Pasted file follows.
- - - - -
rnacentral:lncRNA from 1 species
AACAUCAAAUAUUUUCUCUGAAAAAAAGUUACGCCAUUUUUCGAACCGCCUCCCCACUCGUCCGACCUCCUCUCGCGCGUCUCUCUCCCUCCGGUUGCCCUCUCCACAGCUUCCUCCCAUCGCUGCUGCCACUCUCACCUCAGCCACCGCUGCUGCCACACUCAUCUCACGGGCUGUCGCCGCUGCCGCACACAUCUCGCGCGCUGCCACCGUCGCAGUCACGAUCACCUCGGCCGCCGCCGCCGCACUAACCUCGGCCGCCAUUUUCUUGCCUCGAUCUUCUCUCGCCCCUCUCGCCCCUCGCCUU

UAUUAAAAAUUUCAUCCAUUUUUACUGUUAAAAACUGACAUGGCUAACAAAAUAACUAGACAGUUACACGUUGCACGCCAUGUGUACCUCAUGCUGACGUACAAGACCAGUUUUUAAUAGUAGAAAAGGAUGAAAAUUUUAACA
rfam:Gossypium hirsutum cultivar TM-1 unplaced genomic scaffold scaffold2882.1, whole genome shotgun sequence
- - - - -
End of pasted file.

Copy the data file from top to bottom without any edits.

rnacentral:lncRNA from 1 species
AACAUCAAAUAUUUUCUCUGAAAAAAAGUUACGCCAUUUUUCGAACCGCCUCCCCACUCGUCCGACCUCCUCUCGCGCGUCUCUCUCCCUCCGGUUGCCCUCUCCACAGCUUCCUCCCAUCGCUGCUGCCACUCUCACCUCAGCCACCGCUGCUGCCACACUCAUCUCACGGGCUGUCGCCGCUGCCGCACACAUCUCGCGCGCUGCCACCGUCGCAGUCACGAUCACCUCGGCCGCCGCCGCCGCACUAACCUCGGCCGCCAUUUUCUUGCCUCGAUCUUCUCUCGCCCCUCUCGCCCCUCGCCUU

UAUUAAAAAUUUCAUCCAUUUUUACUGUUAAAAACUGACAUGGCUAACAAAAUAACUAGACAGUUACACGUUGCACGCCAUGUGUACCUCAUGCUGACGUACAAGACCAGUUUUUAAUAGUAGAAAAGGAUGAAAAUUUUAACA
rfam:Gossypium hirsutum cultivar TM-1 unplaced genomic scaffold scaffold2882.1, whole genome shotgun sequence